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Vancouver shelter seeing unprecedented demand for services

Last Updated Mar 10, 2016 at 10:18 am PST

(Courtesy: Twitter @ugm)
Summary

Union Gospel Mission reports record-breaking January and February

UGM says no extreme weather alerts has meant surge of demand for its shelter

UGM seeing a boost in the number of clients from out of province

VANCOUVER (NEWS 1130) – City staff have been on the streets of Vancouver since yesterday morning, counting the number of people without a place to call home.

As we wait for the final numbers in the annual tally, the operators of a shelter downtown say they are seeing an unprecedented demand for their services.

“At Union Gospel Mission we had a record-breaking January and a record-breaking February. We are seeing more people coming to our shelter asking for help,” says UGM spokesperson Jeremy Hunka.

“There was an agreement struck with the city and BC Housing back in December and as a part of that, we were asked to open our overflow shelter nightly through the winter months. We’ve opened 20 additional spaces as needed and almost every night they have been needed. The demand is pretty staggering,” he tells NEWS 1130.

Hunka says there are a number of reasons for the increase in demand.

“Number one is we haven’t seen an extreme weather alert. The mild weather has meant the extreme weather response shelters haven’t been opening up. Many times, what we see is during mild weather there are fewer emergency spaces open and we get a surge of demand here.”

The economy is also a factor, with unemployment rising in formerly booming Alberta.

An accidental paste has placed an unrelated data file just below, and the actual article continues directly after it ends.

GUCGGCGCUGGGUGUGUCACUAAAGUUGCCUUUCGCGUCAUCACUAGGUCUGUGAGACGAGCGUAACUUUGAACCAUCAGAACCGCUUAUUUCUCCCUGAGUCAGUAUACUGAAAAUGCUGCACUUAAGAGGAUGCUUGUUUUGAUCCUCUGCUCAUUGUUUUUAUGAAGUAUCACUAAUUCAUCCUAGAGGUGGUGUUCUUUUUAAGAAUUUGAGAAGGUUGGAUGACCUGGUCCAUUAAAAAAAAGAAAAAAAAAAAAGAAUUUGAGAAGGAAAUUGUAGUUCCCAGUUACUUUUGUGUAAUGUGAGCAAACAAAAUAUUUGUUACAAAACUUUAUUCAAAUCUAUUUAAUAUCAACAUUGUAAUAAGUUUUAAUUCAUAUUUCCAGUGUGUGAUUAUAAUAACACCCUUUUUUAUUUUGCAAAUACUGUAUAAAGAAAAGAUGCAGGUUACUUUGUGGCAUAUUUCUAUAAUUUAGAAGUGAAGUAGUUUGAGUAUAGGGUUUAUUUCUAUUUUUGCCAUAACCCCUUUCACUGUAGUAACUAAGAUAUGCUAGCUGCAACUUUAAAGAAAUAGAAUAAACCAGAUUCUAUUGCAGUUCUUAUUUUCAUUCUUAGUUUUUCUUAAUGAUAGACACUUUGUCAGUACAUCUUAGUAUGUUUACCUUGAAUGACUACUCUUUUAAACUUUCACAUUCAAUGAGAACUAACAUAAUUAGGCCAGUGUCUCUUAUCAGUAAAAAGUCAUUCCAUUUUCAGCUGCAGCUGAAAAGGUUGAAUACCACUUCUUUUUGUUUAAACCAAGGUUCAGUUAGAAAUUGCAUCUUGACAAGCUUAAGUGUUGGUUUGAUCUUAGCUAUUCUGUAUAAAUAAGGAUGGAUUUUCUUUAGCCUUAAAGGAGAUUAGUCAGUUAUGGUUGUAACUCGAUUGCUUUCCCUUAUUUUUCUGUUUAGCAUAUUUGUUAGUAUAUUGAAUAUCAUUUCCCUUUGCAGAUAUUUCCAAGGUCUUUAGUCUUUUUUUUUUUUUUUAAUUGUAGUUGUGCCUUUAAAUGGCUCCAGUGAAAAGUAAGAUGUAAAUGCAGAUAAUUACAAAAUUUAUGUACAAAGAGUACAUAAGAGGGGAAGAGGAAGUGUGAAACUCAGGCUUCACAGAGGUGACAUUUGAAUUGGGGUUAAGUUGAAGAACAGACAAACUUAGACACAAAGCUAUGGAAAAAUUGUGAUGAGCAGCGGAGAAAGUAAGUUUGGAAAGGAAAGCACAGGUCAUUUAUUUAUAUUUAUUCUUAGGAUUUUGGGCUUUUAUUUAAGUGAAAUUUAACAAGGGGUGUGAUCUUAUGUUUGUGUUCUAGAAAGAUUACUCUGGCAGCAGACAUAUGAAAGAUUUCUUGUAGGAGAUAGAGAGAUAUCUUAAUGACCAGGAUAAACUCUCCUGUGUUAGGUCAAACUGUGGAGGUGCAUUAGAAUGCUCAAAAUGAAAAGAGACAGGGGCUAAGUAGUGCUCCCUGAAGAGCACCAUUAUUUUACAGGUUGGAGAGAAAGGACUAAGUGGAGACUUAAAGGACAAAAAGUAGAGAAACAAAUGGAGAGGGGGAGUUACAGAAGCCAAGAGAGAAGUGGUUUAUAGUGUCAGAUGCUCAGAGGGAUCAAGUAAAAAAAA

“We are seeing a few clients arriving from out-of-province with nowhere to go. These are formerly working, formerly housed people who have lost their jobs and came to Vancouver looking for work. It’s not a huge number but we are seeing a handful in our shelter coming from Alberta,” says Hunka.

The increasing cost of living is also hitting many people hard.

“It’s squeezing more people into homelessness. The last Canada Mortgage and Housing Corporation report showed that rent increased by four per cent in Vancouver last year and the vacancy rate for a bachelor suite is 0.6 per cent. Food is going up with the price of vegetables rising 18 per cent last year. When you have all these factors working together, they could push someone barely holding on into homelessness.”

Representatives from UGM were among those who welcomed two homeless men from the Prairies to Vancouver after the government of Saskatchewan bought them one-way bus tickets to the West Coast.

“We had 96 people in our shelter last night, which is a huge number for us, and we still had to turn away nine people. The night before it was 11. We are still seeing a huge demand from people looking for a place to spend the night and we want to get them off the street and into a warm space where they can feel support,” says Hunka.

“We want them to understand that their life does have a future.”